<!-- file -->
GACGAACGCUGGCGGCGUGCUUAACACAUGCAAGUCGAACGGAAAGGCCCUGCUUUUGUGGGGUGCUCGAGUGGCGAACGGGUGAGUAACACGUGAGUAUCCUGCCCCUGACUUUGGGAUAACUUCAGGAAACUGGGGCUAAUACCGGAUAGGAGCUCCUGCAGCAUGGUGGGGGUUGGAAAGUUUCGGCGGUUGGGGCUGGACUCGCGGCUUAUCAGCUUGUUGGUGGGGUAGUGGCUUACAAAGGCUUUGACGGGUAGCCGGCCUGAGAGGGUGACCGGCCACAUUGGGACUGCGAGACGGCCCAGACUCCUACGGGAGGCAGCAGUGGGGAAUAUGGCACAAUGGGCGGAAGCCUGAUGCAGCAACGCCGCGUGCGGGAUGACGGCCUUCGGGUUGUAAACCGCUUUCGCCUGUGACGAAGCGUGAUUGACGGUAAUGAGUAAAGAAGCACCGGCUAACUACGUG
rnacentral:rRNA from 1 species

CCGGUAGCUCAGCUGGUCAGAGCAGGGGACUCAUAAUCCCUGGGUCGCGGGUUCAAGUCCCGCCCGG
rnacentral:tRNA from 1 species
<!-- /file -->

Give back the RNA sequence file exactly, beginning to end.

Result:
GACGAACGCUGGCGGCGUGCUUAACACAUGCAAGUCGAACGGAAAGGCCCUGCUUUUGUGGGGUGCUCGAGUGGCGAACGGGUGAGUAACACGUGAGUAUCCUGCCCCUGACUUUGGGAUAACUUCAGGAAACUGGGGCUAAUACCGGAUAGGAGCUCCUGCAGCAUGGUGGGGGUUGGAAAGUUUCGGCGGUUGGGGCUGGACUCGCGGCUUAUCAGCUUGUUGGUGGGGUAGUGGCUUACAAAGGCUUUGACGGGUAGCCGGCCUGAGAGGGUGACCGGCCACAUUGGGACUGCGAGACGGCCCAGACUCCUACGGGAGGCAGCAGUGGGGAAUAUGGCACAAUGGGCGGAAGCCUGAUGCAGCAACGCCGCGUGCGGGAUGACGGCCUUCGGGUUGUAAACCGCUUUCGCCUGUGACGAAGCGUGAUUGACGGUAAUGAGUAAAGAAGCACCGGCUAACUACGUG
rnacentral:rRNA from 1 species

CCGGUAGCUCAGCUGGUCAGAGCAGGGGACUCAUAAUCCCUGGGUCGCGGGUUCAAGUCCCGCCCGG
rnacentral:tRNA from 1 species